I was greeted with “You all right mate?” as I passed up the producers and director on set every morning. And after hearing it over and over I started to feel as if I wasn’t.
A good beginning to a great production got muddled quickly when terms used commonly in UK production didn’t translate into the U.S. exactly the same – mainly Fixer and Extra/Walk-ons. I was contacted via email by the UK production company’s Production Coordinator. Here is the first paragraph of her email: I am on the hunt for a production person for an upcoming shoot Oct/ Nov in Cleveland & Columbus Ohio. The scripts are still being written, however it’s generally help with location borrowing, extra’s and maybe one or two props. I felt like I did more than a couple props…
Now we come to hiring the “extras”. A term which I use for people in the background or slightly off screen without any dialogue. After a quick read through of the script breakdown which described actions without lines for the actors I realized that at a minimum these are “Featured Extras” roles (an actor whose clearly seen on camera in the jest of action but without lines of dialogue). To my surprise, on-set these so called “extras” where given lines that will appear on the final edit…even if its a one liner ad-libbed. When I approached this with the producer and director I was told this is normal for extras in the UK and those that don’t have lines are called “walk-ons” and something more about class A & B (more research for later). And yes I had a conversation with SAG: Non dramatic, unscripted, and not on the “Do Not Work” list.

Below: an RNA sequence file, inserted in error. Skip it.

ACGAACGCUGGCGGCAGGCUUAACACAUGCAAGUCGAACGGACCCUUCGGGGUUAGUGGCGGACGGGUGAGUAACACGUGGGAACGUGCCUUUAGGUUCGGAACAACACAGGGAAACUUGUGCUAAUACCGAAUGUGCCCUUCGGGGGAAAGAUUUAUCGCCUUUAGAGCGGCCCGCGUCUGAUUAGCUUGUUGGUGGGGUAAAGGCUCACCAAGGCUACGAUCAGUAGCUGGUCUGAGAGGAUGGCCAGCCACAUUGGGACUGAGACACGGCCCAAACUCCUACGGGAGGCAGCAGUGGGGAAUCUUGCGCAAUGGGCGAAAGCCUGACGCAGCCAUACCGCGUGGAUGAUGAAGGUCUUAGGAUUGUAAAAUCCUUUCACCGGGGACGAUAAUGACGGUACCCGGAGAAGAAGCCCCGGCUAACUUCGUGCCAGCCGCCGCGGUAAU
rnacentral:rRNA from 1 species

My final point to calling this a wrap is the title crew position which I was hired…The Fixer. I have worked in the industry for over 10 years and never heard this term used. I had to go back to the original email I received which stated the duties included casting (character look-a-likes), location management/scouting (5 houses and a police HQ with jail) and art department (see photo above). Soon, I felt like this was my project as a producer. On the final day of production I asked what my credit would be (not that it mattered), I was given a shoulder shrug from the lead producer and was told she would ask. An associate producer credit I wondered…on a film a associate producer credit is as useful as a one armed trapeze artist with an itchy arse.…she stated she already had two assistant producers. So I guess I will look forward to seeing the credits on the “telly”.
After rallying the american troops we set out to defeat those british forces and ended up winning the production battle and a successful production!…and I did get to play a bad ass extra (see photo below Joshua Porter, right side).